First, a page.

Article about Barbara de Vries on a blind date with Harvey Weinstein and what ensued link here
INTERVIEW WITH BARBARA DE VRIES:
WT: Would you agree that the book is a love letter to your daughters, to the girl you were, and to women in general?
BDV: It is a celebration of being yourself as a woman, and finding the voice that best expresses this. As an older woman I can write about Bee/myself in an objective way. We are so self-unaware at that age, it is hard to remember what you didn’t even know yourself, so knowing my daughters better than I knew myself at seventeen really helped. I think carefree is good word right now. Everything is so intense and we are all so afraid to do and say the wrong thing. We judge each other heavily, but how about accepting that we are great as we are, individually rather than uniformly?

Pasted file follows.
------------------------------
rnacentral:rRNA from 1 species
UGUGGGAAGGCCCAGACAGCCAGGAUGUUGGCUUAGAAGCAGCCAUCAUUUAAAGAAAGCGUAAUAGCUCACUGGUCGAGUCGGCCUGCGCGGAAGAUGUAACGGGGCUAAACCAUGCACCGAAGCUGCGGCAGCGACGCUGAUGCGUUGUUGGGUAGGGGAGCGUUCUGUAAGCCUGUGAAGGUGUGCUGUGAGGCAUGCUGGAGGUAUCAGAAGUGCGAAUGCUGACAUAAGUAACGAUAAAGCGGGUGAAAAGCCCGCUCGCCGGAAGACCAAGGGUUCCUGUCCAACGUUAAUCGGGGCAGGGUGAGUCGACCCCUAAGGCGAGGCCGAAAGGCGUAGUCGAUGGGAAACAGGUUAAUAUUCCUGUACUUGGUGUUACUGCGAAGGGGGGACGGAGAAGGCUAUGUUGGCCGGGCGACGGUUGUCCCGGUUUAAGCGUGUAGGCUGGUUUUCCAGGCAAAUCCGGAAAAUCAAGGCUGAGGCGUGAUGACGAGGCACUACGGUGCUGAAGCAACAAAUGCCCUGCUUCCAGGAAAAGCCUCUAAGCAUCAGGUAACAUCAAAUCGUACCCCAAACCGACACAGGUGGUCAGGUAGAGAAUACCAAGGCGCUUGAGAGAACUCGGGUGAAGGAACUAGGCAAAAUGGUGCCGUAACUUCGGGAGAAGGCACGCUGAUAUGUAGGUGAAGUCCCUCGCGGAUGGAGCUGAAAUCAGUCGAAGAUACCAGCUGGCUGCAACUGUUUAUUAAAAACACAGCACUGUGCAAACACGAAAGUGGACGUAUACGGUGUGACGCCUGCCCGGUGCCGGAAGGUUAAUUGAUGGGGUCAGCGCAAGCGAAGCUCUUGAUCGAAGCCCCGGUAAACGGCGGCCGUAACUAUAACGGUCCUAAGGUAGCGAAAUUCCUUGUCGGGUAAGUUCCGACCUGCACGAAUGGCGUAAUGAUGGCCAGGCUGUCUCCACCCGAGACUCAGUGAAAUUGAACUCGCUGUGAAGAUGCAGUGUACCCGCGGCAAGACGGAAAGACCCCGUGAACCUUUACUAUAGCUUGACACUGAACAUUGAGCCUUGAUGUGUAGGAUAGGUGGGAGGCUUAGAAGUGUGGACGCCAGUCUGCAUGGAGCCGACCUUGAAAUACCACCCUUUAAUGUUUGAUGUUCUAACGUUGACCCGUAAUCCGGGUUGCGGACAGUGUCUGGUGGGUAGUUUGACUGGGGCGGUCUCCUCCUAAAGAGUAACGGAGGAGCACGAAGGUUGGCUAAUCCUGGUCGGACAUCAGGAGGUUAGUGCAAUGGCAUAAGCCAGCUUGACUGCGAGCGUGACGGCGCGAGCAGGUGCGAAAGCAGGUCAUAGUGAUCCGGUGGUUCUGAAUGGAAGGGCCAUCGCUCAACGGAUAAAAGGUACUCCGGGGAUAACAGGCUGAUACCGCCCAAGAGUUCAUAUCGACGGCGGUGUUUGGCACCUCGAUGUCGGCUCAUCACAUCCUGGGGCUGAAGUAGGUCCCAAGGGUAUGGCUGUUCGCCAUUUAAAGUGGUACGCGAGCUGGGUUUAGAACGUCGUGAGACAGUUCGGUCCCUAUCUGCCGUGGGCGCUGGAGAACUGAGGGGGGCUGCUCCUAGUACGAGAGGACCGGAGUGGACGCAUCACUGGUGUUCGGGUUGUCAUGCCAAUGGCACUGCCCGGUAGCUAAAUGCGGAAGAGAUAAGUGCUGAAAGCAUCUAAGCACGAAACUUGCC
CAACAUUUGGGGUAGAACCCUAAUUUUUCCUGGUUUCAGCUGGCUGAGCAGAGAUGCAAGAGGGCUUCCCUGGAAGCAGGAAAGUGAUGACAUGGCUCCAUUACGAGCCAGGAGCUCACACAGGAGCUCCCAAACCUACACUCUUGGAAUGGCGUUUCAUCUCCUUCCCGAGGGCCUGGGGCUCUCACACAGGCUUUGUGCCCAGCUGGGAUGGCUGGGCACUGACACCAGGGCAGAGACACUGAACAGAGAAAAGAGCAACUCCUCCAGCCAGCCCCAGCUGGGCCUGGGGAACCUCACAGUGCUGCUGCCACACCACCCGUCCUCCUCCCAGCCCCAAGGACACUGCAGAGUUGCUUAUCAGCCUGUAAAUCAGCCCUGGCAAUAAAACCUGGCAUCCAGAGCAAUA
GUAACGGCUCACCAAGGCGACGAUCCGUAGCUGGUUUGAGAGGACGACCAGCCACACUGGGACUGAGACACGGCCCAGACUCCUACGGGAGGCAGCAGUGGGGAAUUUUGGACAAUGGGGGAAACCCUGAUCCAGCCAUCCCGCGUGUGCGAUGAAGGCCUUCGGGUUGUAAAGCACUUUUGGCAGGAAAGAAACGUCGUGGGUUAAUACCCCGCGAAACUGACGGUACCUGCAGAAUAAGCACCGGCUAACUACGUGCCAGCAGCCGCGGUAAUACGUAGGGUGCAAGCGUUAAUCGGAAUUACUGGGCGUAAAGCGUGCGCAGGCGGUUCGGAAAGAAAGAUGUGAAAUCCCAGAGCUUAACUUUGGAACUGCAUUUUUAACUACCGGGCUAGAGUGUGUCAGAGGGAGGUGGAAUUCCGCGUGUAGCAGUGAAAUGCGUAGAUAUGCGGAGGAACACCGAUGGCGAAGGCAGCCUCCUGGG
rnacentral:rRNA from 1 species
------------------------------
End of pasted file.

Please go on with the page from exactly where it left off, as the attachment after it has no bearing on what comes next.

One of my favorite drawings in the book is of the clothes de Vries made for the Australian International Model show, the Waterland Collection. The clothes are playful, but never silly, they are tailored, showing off a woman’s form, yet they are comfortable. Carefree does come to mind. I think de Vries always had this wish for women. The clothes she designed, and the drawings in the book show it.
WT: Does what you create celebrate the strength and beauty of being female?
BDV: I think women who feel like themselves in the clothes they wear are sexy. I don’t know why this happened, but suddenly so many women are dressing like what they think is sexy – short tight dresses, dangerously high heels, too much cleavage etc. To me they look uncomfortable and stressed. My clothes always celebrated femininity rather than sex, although it would be hard to argue that the collections I did for CK at Calvin Klein were not also sexy.